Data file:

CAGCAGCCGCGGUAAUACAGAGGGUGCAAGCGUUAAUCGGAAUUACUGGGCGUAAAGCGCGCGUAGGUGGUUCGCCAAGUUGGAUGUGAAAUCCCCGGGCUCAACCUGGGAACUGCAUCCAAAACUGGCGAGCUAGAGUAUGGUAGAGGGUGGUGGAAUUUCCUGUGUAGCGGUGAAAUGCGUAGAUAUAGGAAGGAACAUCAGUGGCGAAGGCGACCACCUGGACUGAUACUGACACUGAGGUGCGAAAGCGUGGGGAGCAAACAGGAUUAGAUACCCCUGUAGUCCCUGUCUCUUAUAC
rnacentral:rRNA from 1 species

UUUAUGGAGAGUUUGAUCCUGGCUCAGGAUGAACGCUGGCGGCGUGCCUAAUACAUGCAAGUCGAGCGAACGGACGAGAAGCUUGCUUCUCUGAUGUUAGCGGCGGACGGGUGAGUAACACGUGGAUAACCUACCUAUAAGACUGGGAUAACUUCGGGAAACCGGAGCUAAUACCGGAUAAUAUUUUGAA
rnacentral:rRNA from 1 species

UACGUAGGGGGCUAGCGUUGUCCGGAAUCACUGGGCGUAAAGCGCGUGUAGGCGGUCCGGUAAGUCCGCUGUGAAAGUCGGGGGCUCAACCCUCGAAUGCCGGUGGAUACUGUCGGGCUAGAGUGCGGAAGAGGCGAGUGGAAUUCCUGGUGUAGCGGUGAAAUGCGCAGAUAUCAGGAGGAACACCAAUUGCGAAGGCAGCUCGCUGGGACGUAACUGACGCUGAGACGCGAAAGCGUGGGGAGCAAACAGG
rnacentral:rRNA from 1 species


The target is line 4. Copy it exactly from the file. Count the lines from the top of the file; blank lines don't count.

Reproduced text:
rnacentral:rRNA from 1 species